With a wet El Niño winter forecasted for Florida in 2024, growers should focus on plans to minimize and manage fruit fungal diseases. Anthracnose fruit rot is the most prevalent and significant winter and early spring disease in Florida.

Anthracnose fruit rot (AFR) is caused by the fungus Colletotrichum gloeosporioides. Its development is highly dependent on favorable weather conditions, including extended leaf wetness duration. Symptoms typically begin to appear as berries start to ripen, including the development of sunken lesions, shriveling, and fruit softness, along with the eruption of orange or salmon colored spores. In some cases, symptoms do not appear until after the fruit is harvested and stored. However, infection can occur as early as bloom.

Managing Flower Thrips in Southern Highbush Blueberry in Florida

Feb 8, 2024 / Dr. Oscar Liburd, ProfessorUF/IFAS, Doug Phillips, Blueberry Extension Coordinator, UF/IFAS

The Florida flower thrips (Frankliniella bispinosa Morgan) are a pest of southern highbush blueberries in Florida that are present during bloom. Larvae and adults feed on all parts of the flowers (ovaries, styles, petals) and developing fruit. Feeding damage can reduce pollination of the injured blooms, and therefore the quantity and quality of fruit produced from those blooms. Adult females can also cause indirect injury to fruit when laying their eggs inside flower tissues (Figure 1 c). The newly hatched larvae create holes in the flower tissue when they emerge, resulting in scarring of the fruit.

Managing Leaf Rust in the Evergreen Production System

Jan 9, 2024 / Dr. Phil Harmon, Professor, Plant Pathology, UF/IFAS, Doug Phillips, Blueberry Extension Coordinator, UF/IFAS

Under the evergreen production system for southern highbush blueberry (SHB), which is used extensively in the south-central and central regions of Florida, blueberry plants do not go dormant and are harvested early in the season. One of the primary management necessities in the evergreen system is to keep the foliage healthy and intact through the harvest season. A significant challenge to accomplishing this can be fungal leaf disease, in particular rust, which must be managed from late fall through harvest.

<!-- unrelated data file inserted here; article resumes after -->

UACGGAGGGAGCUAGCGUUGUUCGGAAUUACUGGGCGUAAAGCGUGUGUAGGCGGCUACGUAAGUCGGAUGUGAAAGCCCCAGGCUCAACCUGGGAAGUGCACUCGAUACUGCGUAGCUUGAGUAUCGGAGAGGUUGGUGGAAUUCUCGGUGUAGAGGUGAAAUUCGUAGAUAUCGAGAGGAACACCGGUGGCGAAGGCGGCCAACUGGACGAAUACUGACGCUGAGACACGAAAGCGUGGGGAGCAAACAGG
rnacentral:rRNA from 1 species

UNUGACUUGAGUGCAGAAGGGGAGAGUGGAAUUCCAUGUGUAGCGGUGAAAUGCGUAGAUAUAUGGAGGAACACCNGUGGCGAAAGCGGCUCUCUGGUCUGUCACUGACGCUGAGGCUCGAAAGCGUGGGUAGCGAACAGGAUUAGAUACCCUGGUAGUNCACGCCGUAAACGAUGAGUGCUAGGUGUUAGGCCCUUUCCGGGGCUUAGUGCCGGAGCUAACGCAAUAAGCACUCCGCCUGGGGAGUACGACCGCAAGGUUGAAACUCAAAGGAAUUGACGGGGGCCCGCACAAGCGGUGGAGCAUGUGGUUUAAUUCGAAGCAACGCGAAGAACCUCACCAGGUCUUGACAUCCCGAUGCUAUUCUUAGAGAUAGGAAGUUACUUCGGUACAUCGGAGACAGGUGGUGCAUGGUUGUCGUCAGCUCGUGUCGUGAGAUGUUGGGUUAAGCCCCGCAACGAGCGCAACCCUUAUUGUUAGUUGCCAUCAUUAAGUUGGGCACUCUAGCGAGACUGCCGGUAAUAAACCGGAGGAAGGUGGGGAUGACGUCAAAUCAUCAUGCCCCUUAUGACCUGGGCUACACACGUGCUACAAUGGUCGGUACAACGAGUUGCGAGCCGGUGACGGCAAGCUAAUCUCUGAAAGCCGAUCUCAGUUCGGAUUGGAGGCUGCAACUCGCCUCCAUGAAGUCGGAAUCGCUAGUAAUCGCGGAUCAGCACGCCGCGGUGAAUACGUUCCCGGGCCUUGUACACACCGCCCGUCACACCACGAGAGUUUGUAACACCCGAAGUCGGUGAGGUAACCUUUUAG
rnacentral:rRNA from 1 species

Good Pollination Practices in Florida Blueberry Fields

Dec 1, 2023 / Dr. Rachel Mallinger, Assistant Professor, Pollinator Ecology and Conservation, UF/IFAS, Doug Phillips, Blueberry Extension Coordinator, UF/IFAS

Southern highbush blueberry (SHB) is dependent upon pollinating insects for adequate fruit set. Symptoms of insufficient pollination include low ratios of fruit to flowers, delayed petal fall, petals turning brown while still on the bush, small berries, and a low number of seeds per berry. Implementing good pollination best practices can help minimize the likelihood of poor pollination.

Time to Start Thinking About Freeze Protection

Nov 5, 2023 / Doug Phillips, Blueberry Extension Coordinator, UF/IFAS

Blueberries bloom in late winter or early spring in Florida, making the flowers and young fruit susceptible to freeze and frost injury. Killing freezes can occur as late as mid to late March throughout much of Florida, long after the initiation of bloom, especially for early-ripening southern highbush blueberry cultivars. If some method of freeze protection is not employed, freezes during flowering and early fruit development can be one of the greatest threats to southern highbush blueberry production in Florida.

Blueberry Gall Midge Management

Oct 2, 2023 | Dr. Oscar Liburd UF/IFAS, Doug Phillips, Blueberry Extension Coordinator, UF/IFAS

Blueberry gall midge larvae feed on blueberry floral bud tissues, causing brown lesions, and bud death and abortion (Figure 1). When there is heavy gall midge injury, the bloom will typically be lighter since many of these buds will abort, resulting in decreased fruit set. It should be noted that poor fruit set and excessive dropping of undeveloped green fruit can also be caused by poor pollination.